There’s only one problem: The entire edifice on which this thinking is erected may be completely wrong. Is it really true that doctors around the country spend vastly different resources to achieve the same outcomes? The implicit assumption Orszag is making is that the doctors who treat Medicare patients must be treating their non-Medicare patients the same way. But this assumption, it turns out, is not true. Differences in Medicare spending are, in many cases, offset by spending on other patients. For example: Although Texas is fifth from the top in Medicare spending per capita, it is seventh from the bottom in per capita spending for the state’s population as a whole. And California is eleventh from the top in Medicare spending, but eighth from the bottom in spending overall.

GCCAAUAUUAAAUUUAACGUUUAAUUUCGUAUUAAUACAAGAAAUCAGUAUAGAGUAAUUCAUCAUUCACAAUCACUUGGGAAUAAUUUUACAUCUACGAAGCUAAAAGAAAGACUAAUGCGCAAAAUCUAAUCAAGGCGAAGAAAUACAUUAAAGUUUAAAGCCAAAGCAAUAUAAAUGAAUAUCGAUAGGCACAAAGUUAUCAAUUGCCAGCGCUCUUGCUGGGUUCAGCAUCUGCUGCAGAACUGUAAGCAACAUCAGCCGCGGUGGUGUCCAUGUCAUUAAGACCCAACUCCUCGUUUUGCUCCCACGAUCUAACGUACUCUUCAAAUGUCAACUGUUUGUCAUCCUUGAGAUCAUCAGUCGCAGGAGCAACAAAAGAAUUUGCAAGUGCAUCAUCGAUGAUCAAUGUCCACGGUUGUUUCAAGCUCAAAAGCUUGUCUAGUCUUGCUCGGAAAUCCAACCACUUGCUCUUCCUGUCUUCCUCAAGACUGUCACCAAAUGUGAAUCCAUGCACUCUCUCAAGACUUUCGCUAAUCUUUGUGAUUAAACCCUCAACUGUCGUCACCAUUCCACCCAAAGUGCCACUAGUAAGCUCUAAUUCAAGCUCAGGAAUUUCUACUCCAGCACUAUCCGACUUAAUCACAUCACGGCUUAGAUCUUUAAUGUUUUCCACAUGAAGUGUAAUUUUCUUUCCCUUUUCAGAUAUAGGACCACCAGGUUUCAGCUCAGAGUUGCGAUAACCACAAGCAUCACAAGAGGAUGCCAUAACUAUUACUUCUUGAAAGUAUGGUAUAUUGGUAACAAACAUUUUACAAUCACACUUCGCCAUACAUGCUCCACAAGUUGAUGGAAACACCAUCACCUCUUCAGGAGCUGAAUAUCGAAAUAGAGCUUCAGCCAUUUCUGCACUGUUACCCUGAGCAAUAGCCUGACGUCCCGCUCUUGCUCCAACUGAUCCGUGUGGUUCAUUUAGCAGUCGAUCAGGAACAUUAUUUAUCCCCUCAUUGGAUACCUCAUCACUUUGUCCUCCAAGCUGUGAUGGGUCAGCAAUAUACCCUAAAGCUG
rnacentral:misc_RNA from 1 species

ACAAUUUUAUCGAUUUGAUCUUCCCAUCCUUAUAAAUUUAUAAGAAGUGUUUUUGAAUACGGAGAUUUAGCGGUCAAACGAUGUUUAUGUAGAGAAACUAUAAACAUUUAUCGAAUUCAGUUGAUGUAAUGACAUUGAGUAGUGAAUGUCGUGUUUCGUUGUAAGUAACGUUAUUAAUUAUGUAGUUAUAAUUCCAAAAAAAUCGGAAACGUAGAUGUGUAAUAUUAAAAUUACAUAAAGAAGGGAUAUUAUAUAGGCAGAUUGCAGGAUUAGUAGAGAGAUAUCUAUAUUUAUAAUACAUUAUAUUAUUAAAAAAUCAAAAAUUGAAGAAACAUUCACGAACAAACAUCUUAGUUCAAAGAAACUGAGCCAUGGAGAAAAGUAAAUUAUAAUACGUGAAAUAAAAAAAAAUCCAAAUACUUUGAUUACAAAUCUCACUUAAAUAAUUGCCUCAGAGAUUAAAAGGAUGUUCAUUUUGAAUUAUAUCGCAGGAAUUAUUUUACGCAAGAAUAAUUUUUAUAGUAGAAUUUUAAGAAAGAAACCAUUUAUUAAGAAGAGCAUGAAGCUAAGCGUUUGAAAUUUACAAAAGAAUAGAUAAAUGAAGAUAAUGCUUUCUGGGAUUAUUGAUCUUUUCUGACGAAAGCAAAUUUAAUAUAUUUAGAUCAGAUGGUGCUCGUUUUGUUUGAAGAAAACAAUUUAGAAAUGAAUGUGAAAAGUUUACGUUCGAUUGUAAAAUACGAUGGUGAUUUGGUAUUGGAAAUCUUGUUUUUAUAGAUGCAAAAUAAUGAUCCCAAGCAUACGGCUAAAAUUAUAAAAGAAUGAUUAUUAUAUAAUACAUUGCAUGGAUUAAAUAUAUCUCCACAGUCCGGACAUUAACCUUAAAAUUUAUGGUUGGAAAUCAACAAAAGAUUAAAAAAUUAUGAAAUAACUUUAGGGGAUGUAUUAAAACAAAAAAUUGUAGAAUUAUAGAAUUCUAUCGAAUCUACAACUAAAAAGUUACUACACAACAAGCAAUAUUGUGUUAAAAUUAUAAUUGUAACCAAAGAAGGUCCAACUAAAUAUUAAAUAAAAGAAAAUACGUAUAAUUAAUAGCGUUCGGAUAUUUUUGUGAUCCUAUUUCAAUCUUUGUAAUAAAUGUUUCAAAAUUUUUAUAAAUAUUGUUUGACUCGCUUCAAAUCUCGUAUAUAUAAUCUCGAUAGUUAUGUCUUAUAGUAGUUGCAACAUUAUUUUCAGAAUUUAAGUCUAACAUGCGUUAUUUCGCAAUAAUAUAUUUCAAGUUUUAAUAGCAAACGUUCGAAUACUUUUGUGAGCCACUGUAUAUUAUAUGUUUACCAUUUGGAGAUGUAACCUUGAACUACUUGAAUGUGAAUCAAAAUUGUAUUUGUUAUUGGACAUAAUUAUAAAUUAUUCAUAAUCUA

What’s going on here, probably, is “cost shifting.” When Medicare underpays, doctors, hospitals, and other providers try to recoup their losses by overcharging other patients. To the degree that cost shifting is going on, we would expect an inverse relationship: When Medicare pays less, private patients tend to pay more, and vice versa.
Take McAllen, Texas, for example. This is an area with large numbers of low-income, uninsured patients — to say nothing of all the immigrant patients who need only wade across the Rio Grande to get U.S.-quality health care. It may be that McAllen providers are running up Medicare charges in order to subsidize the free care they are giving so many others.
And that brings us back to the original question: How much could we save by changing the way doctors practice medicine? In a study soon to be released by the National Center for Policy Analysis, Texas A&M economists Andrew J. Rettenmaier and Thomas R. Saving say that when the focus is on health spending for the whole population, Peter Orszag’s dreams are dashed: There is in fact very little to be gained by trying to force doctors across the country to emulate their lowest-spending peers.